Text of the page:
FINRA Sanctions 12 Firms a Total of $6.7 Million for Failing to Apply Sales Charge Discounts to Customers' Purchases of UITs
More than $4 Million in Restitution Ordered to Affected Customers
WASHINGTON — The Financial Industry Regulatory Authority (FINRA) announced today that it has ordered 12 firms to pay restitution totaling more than $4 million and fines totaling more than $2.6 million for failing to apply available sales charge discounts to customers' purchases of Unit Investment Trusts (UITs), and related supervisory failures.
FINRA imposed sanctions against the following firms:
- First Allied Securities, Inc. of San Diego, CA, was ordered to pay $689,647 in restitution and fined $325,000.
- Fifth Third Securities, Inc. of Cincinnati, OH, was ordered to pay $663,534 in restitution and fined $300,000.
- Securities America, Inc. of La Vista, NE, was ordered to pay $477,686 in restitution and fined $275,000.
- Cetera Advisors LLC of Denver, CO, was ordered to pay $452,622 in restitution and fined $250,000.
- Park Avenue Securities LLC of New York, NY, was ordered to pay $443,255 in restitution and fined $300,000.
- Commonwealth Financial Network of Waltham, MA, was ordered to pay $357,521 in restitution and fined $225,000.
- MetLife Securities, Inc. of New York, NY, was ordered to pay $349,748 in restitution and fined $300,000.
- Comerica Securities of Detroit, MI, was ordered to pay $197,757 in restitution and fined $150,000.
- Cetera Advisor Networks LLC of El Segundo, CA, was ordered to pay $151,108 in restitution and fined $150,000.
- Ameritas Investment Corp. of Lincoln, NE, was ordered to pay $128,544 in restitution and fined $150,000.
- Infinex Investments, Inc. of Meridian, CT, was ordered to pay $109,627 in restitution and fined $150,000.
- The Huntington Investment Company of Columbus, OH, was ordered to pay $60,973 in restitution and fined $75,000.
Brad Bennett, FINRA's Executive Vice President and Chief of Enforcement, said, "Firms need to ensure that their registered representatives are providing customers the sales charge discounts to which they are entitled. The firms sanctioned today failed to provide these discounts, resulting in customer harm in the form of higher costs for which customers have been or will be reimbursed."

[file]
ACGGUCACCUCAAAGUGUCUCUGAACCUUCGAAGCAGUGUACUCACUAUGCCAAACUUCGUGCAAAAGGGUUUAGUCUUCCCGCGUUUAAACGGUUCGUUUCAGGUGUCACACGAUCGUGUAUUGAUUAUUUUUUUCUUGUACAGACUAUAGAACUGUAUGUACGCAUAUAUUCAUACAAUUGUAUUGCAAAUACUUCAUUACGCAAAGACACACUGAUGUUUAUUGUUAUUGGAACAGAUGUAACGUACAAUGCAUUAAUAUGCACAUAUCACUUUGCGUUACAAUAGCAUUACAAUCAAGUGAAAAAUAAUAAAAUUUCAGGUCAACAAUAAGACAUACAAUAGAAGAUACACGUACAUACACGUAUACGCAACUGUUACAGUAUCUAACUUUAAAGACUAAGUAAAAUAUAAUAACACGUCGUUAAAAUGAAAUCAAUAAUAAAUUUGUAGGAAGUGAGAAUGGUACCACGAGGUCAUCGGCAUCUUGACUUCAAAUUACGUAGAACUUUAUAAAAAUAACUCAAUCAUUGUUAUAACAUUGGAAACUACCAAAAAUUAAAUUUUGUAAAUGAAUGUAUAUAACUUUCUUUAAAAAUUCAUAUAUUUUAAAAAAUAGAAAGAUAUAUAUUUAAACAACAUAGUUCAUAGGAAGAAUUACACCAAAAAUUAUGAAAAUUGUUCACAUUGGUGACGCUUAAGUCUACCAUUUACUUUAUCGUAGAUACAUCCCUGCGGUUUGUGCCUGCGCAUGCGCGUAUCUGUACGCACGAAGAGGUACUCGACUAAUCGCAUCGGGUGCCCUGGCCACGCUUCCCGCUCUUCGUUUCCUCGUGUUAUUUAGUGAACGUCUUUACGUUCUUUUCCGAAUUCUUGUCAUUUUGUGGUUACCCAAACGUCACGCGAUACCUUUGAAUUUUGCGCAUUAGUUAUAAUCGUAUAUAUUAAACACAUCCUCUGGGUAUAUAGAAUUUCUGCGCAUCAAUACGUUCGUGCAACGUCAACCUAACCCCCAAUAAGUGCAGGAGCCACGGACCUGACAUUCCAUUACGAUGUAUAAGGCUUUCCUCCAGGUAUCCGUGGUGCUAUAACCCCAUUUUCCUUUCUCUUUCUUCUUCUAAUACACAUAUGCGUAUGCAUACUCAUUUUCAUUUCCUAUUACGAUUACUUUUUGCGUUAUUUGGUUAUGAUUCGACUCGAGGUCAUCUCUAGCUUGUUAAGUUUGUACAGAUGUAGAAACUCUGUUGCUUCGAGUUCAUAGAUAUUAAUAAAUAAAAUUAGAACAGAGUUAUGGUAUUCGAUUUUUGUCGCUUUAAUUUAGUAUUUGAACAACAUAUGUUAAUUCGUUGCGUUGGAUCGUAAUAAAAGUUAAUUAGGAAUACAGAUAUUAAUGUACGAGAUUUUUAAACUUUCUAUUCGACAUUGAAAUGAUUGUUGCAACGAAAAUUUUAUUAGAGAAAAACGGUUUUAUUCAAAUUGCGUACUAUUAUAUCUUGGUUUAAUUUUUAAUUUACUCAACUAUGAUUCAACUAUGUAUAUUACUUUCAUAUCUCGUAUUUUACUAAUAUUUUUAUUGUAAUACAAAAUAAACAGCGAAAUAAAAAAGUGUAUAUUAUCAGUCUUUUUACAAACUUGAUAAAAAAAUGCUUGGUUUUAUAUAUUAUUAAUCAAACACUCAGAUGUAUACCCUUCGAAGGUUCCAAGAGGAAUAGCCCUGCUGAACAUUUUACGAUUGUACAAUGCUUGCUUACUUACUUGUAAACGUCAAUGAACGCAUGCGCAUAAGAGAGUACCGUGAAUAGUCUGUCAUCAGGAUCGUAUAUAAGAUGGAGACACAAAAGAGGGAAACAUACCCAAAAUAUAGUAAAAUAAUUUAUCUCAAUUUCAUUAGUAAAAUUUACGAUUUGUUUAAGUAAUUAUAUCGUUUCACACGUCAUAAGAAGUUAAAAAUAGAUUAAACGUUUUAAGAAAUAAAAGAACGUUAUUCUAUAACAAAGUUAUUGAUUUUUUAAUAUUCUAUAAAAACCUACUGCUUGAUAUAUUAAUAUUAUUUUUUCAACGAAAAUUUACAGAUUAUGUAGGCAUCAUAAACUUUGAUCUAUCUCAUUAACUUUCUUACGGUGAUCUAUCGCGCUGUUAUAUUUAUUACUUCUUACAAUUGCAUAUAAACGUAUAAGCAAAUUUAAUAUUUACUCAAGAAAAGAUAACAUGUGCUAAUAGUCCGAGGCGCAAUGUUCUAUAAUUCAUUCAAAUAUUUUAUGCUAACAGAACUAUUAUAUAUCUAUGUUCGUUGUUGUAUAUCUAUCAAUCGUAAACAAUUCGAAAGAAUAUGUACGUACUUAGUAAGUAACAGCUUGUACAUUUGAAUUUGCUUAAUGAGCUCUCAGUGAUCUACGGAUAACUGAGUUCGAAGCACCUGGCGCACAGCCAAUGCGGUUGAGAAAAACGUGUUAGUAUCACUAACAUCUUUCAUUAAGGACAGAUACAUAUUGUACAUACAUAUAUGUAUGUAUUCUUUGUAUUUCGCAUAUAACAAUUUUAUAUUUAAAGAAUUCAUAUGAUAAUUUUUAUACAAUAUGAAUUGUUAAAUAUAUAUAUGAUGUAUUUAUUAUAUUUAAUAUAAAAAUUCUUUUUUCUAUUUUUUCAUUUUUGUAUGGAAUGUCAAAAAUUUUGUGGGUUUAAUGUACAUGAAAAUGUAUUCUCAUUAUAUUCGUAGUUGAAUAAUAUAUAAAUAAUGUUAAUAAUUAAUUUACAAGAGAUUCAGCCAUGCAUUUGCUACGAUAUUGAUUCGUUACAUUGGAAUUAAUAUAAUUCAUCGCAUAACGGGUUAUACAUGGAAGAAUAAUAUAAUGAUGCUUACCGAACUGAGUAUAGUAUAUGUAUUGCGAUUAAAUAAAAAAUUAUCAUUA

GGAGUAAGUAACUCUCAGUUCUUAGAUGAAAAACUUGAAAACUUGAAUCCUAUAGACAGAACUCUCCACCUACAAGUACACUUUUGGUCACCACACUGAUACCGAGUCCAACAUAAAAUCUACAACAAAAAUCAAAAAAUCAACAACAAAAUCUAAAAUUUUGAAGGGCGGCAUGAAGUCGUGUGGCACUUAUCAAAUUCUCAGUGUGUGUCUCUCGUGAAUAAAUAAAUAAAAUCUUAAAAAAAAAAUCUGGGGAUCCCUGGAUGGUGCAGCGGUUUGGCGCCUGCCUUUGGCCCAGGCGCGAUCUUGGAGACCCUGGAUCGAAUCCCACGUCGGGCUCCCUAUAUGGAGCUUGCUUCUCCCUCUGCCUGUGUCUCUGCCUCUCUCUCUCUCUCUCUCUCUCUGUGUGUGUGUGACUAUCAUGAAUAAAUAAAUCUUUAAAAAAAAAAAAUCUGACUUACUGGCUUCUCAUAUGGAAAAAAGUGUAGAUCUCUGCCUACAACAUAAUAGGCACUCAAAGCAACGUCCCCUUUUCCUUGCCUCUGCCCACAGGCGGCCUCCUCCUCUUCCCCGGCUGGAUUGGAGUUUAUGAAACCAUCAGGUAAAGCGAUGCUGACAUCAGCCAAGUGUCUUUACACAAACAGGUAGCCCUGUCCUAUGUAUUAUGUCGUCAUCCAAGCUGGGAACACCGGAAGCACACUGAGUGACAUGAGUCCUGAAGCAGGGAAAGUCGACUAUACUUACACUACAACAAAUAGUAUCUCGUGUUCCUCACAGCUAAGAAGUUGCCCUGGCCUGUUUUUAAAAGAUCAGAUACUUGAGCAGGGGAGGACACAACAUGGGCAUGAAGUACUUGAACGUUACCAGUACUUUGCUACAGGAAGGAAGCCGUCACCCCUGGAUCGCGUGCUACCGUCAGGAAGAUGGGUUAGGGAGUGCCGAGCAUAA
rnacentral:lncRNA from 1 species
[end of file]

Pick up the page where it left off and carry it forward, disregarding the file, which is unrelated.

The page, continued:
A UIT is a type of investment company that offers redeemable units of a generally fixed portfolio of securities that terminate on a specific date. UIT sponsors generally offer sales charge discounts to investors, known as "breakpoint discounts" and "rollover and exchange discounts." A breakpoint discount is a reduced sales charge based on the dollar amount of the purchase-the higher the amount the greater the discount. Breakpoints generally function as a sliding reduction in the sales charge percentage available for purchases, usually beginning at $25,000 or $50,000 (or the corresponding number of units). A rollover or exchange discount is a reduced sales charge that is offered to investors who use the termination or redemption proceeds from one UIT to purchase another UIT.
In March 2004, FINRA issued a Regulatory Notice to firms titled, Unit Investment Trust Sales, to remind broker-dealers that they should develop and implement procedures to ensure customers receive appropriate sales charge discounts for UITs.
In concluding these settlements, the firms neither admitted nor denied the charges, but consented to the entry of FINRA's findings.
Investors can obtain more information about, and the disciplinary record of, any FINRA-registered broker or brokerage firm by using FINRA's BrokerCheck. FINRA makes BrokerCheck available at no charge. In 2014, members of the public used this service to conduct 18.9 million reviews of broker or firm records. Investors can access BrokerCheck at www.finra.org/brokercheck or by calling (800) 289-9999. Investors may find copies of this disciplinary action as well as other disciplinary documents in FINRA's Disciplinary Actions Online database. Investors can also call FINRA's Securities Helpline for Seniors at (844) 57-HELPS for assistance or to raise concerns about issues they have with their brokerage accounts and investments.
FINRA, the Financial Industry Regulatory Authority, is the largest independent regulator for all securities firms doing business in the United States. FINRA is dedicated to investor protection and market integrity through effective and efficient regulation and complementary compliance and technology-based services. FINRA touches virtually every aspect of the securities business – from registering and educating all industry participants to examining securities firms, writing rules, enforcing those rules and the federal securities laws, and informing and educating the investing public. In addition, FINRA provides surveillance and other regulatory services for equities and options markets, as well as trade reporting and other industry utilities. FINRA also administers the largest dispute resolution forum for investors and firms. For more information, please visit www.finra.org.